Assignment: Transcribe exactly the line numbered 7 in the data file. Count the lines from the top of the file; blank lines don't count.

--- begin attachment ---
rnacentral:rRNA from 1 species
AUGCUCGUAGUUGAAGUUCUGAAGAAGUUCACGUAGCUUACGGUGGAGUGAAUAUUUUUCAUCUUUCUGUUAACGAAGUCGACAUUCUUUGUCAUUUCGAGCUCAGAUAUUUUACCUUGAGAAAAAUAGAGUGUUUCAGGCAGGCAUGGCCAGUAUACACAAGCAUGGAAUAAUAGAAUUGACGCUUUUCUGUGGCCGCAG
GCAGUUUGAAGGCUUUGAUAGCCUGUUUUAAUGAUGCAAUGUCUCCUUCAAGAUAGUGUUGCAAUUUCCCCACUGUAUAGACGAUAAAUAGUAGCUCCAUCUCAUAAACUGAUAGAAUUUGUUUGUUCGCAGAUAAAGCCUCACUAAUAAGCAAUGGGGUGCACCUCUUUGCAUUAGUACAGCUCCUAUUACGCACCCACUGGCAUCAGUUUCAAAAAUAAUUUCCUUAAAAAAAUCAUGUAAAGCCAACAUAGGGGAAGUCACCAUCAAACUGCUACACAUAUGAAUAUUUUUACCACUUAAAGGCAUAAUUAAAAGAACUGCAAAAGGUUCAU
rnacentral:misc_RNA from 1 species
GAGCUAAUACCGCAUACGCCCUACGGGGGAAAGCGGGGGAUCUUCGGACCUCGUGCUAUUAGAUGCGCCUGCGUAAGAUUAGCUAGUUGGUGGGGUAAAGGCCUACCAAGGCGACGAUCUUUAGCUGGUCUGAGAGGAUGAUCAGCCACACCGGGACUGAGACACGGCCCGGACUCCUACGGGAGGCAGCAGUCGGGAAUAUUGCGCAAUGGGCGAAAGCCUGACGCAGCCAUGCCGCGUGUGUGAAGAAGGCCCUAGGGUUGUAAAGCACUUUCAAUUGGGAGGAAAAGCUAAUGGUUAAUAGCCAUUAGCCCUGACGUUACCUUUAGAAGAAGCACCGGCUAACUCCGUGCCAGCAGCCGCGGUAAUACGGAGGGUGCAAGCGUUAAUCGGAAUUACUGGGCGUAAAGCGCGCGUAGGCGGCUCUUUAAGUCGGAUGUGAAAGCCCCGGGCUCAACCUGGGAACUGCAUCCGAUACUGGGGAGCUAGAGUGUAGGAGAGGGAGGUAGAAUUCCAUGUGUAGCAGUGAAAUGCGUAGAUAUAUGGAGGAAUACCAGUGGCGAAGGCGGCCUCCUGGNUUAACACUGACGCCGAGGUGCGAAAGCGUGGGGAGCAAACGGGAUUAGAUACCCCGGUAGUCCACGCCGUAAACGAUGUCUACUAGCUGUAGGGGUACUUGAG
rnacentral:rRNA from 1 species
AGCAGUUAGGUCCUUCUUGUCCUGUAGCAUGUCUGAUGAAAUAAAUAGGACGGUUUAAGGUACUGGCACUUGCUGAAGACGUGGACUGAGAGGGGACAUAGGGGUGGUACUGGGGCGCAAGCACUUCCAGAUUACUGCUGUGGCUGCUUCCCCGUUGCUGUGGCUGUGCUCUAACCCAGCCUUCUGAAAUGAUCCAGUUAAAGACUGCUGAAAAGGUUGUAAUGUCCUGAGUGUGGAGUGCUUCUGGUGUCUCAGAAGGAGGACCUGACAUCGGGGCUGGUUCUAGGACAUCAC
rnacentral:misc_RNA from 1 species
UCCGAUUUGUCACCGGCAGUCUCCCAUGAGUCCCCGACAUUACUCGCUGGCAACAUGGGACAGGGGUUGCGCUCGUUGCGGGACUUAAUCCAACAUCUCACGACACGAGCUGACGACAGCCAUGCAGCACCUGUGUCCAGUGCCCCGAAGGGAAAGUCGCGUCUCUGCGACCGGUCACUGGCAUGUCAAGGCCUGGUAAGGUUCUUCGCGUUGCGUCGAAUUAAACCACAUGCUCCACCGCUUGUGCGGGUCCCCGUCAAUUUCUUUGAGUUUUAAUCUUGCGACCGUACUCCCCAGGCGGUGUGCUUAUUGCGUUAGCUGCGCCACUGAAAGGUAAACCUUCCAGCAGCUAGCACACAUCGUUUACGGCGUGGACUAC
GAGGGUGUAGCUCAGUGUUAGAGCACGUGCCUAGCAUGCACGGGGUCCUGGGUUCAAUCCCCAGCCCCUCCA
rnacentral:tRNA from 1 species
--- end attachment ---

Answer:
AGCAGUUAGGUCCUUCUUGUCCUGUAGCAUGUCUGAUGAAAUAAAUAGGACGGUUUAAGGUACUGGCACUUGCUGAAGACGUGGACUGAGAGGGGACAUAGGGGUGGUACUGGGGCGCAAGCACUUCCAGAUUACUGCUGUGGCUGCUUCCCCGUUGCUGUGGCUGUGCUCUAACCCAGCCUUCUGAAAUGAUCCAGUUAAAGACUGCUGAAAAGGUUGUAAUGUCCUGAGUGUGGAGUGCUUCUGGUGUCUCAGAAGGAGGACCUGACAUCGGGGCUGGUUCUAGGACAUCAC